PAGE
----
These ideas are worth what you pay for them. And, yeah, I technically used them for a blog post.
I try to be a good steward of the random thoughts that pop into my head, but most times they are fleeting and flimsy and won’t bear any weight for a larger idea. So here’s some of them, with notes where appropriate.
(Metaphor) addiction cf. electric shock contractions
This was the idea that addiction could be seen similarly to how the body reacts to electric shock. When you shock muscle, it involuntarily contracts. For example, the child sticking the key in the electrical outlet cannot let go, because the hand muscles are contracting on the key.
Addiction seems similar, in that the addiction itself causes the grasp for more of the substance or experience, so that the victim cannot easily fix the problem themselves.
Snotheads/sneezeheads/the God-blessed: folks that constantly make themselves sneeze (powder, feathers, bright light, etc.) in order to get off on the sneeze feeling.
The idea that there could be people who liked sneezing too much. Might be real, haven’t checked. Pretty sure this one came to mind when I read Infinite Jest, because of that stuff about the Entertainment.
Could be expanded to a War on Drugs type thing where there are special cops that try to crack down on the sneezers.
(Another one I’d written down at a different time, but could be folded in: “The snottish play: out out, damn snot” Perhaps a whole thing based on Macbeth?)
even if you had a magic bullet, you’d need a magic gun to shoot it.
This reminds of the notion that after every crisis (incl., e.g., the recent mass shootings) we’re inundated with all sorts of smart and dumb ideas, none of which get to the root cause: our inability to proceed with attempting any serious policy solution.
We might have the answer to any given problem, but we lack the ability to execute it. We may very well have the bullet, but not the gun to fire it.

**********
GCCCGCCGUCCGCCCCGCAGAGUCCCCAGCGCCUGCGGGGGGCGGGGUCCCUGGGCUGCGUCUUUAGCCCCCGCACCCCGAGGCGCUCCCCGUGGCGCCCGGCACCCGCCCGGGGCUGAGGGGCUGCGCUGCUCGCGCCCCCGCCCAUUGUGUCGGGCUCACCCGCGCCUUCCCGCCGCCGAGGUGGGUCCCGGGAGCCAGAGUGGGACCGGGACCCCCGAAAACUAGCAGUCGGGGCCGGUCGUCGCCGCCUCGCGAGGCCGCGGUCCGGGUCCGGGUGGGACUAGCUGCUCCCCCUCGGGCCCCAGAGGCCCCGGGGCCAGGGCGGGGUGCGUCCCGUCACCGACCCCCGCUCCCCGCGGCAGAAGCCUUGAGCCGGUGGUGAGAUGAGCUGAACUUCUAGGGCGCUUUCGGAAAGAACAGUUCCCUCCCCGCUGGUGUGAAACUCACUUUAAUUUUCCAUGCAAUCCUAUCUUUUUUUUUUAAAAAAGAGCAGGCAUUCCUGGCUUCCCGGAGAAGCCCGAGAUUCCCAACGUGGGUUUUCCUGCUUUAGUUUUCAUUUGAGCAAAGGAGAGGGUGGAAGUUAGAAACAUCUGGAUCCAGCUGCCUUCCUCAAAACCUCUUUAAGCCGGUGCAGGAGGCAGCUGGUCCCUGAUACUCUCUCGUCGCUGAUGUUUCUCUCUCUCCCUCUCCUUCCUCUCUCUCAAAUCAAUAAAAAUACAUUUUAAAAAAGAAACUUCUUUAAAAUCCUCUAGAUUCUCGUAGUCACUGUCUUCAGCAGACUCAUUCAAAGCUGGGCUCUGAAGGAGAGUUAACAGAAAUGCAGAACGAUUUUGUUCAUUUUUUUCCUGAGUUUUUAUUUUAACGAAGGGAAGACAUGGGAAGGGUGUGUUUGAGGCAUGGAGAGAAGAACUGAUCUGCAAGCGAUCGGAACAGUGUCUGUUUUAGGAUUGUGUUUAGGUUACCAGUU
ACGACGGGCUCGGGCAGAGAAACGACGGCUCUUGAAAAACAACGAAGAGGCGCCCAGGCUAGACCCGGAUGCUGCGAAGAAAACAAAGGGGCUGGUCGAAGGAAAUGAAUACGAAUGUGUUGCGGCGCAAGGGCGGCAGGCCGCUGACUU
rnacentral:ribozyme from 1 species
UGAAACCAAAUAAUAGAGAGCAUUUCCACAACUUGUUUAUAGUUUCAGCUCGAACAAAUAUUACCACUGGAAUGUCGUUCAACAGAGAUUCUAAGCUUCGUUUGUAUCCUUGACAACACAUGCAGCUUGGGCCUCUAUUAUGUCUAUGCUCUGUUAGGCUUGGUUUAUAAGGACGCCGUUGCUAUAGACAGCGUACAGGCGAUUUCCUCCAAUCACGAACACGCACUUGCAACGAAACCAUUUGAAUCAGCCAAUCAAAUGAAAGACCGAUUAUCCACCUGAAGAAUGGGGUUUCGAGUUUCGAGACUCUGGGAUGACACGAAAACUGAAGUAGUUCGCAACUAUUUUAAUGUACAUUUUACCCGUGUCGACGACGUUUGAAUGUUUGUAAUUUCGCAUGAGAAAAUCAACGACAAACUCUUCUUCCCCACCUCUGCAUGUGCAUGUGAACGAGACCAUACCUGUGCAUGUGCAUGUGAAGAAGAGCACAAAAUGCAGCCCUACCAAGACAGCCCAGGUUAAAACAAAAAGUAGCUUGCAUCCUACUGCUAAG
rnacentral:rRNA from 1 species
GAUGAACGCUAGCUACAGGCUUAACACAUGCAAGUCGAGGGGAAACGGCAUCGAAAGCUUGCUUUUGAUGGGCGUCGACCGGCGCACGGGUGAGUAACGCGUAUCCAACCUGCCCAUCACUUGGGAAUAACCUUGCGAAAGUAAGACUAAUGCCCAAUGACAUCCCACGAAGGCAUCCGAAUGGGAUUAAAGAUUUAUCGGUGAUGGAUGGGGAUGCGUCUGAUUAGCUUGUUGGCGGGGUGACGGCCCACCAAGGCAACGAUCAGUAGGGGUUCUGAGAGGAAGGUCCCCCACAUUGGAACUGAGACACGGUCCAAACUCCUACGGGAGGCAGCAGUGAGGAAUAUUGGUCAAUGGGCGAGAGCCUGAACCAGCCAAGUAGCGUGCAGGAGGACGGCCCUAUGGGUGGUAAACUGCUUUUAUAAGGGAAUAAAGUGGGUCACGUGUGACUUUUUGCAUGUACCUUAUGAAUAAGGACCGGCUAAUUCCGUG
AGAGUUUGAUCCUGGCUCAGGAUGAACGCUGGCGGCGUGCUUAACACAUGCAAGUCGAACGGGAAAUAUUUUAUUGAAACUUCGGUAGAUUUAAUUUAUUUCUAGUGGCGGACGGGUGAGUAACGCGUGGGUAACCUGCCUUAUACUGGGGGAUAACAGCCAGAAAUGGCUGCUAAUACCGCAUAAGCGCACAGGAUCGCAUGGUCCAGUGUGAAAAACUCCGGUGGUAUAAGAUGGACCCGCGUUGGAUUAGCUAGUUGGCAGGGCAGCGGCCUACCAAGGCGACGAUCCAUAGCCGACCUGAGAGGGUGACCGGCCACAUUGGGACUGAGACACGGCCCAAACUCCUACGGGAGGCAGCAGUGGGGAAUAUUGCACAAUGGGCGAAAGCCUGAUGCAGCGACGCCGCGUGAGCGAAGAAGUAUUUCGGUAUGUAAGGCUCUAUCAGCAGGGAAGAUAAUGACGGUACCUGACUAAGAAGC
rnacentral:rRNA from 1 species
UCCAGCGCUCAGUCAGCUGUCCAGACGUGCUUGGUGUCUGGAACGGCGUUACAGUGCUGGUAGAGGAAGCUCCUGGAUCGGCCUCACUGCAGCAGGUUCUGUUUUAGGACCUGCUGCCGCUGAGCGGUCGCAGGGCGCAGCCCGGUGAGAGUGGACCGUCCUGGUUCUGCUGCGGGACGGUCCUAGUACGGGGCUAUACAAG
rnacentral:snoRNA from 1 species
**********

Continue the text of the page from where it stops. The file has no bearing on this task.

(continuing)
Afterlife awards for mundane achievements (best at tying shoes, etc.)
There’s probably some stuff you’re really good at, even if it’s not important at all. You’re really good at keeping your pockets lint-free. Or you’ve mastered the art of getting as much toothpaste out of the tube as possible. Perhaps when you die and go on to whatever’s next, they could hand out awards for those things, to recognize your achievement.
“Going by the name, the Food and Drug Administration sounds like a pretty happening place.” or “Food, Drugs, and Cosmetics? Sounds like a weekend trip to the mall.”
Kind of weird how mall is now a wasteland word in many parts of the country.
“Like my drill sergeant always said . . .” “You were in the service?” “Naw, they kicked me out first day of boot camp. Right after Sarge said that shit.”
Eh? Feels derivative. Probably a line just like that in some comedy somewhere.
Instead of “pea-sized amount” → Fish eye amount
Another toothpaste-related thought. Many of these do come while I’m brushing my teeth. There was another I don’t remember if I wrote down. On the back it says, “Children 2 or under ask your dentist,” so you dial the phone and have the two-year-old ask the dentist if they should brush their toofs.
Broccoli-Os: cereal that tastes like broccoli to adults, but tastes great to kids.
If there’s some chemical short circuit in the tongue as you age, to make it taste like a healthfood, but kids think it’s real nummy. Would probably have a marketing problem, as if you appeal to kids, the parents will catch on, and if you appeal to adults, the kids might not eat it out of spite.
Can’t invite cops/FBI in because they might be vampires.
“Are you a vampire? You know you have to tell me if you’re a vampire.” Also probably derivative, given how much vampire stuff has been done. Maybe go the other way and have a cop who is a vampire but still tries to be a cop. Even with a warrant, she can’t enter peoples’ homes without being invited, so she’s always getting in trouble. “You had a warrant, what was the problem?!”
Sperm bank specializing in matching women who have had plastic surgery with donors so their kids will actually look like them (possibly using police DNA DBs)
I think I might have tried to use this in an unpublished story. Seems like it could be practical, though, for women who really don’t want anyone to know they got a nose job. They’re doing all sorts of stuff to recreate how unknown crime victims and mummies would have looked, so it’s probably not as far-fetched as it sounds. The main question is whether even (non-defect-or-injury-correcting) plastic surgery patients would be that vain.
Okay. Enough. I’ll run out of bad ideas if I keep going, and then where will I be?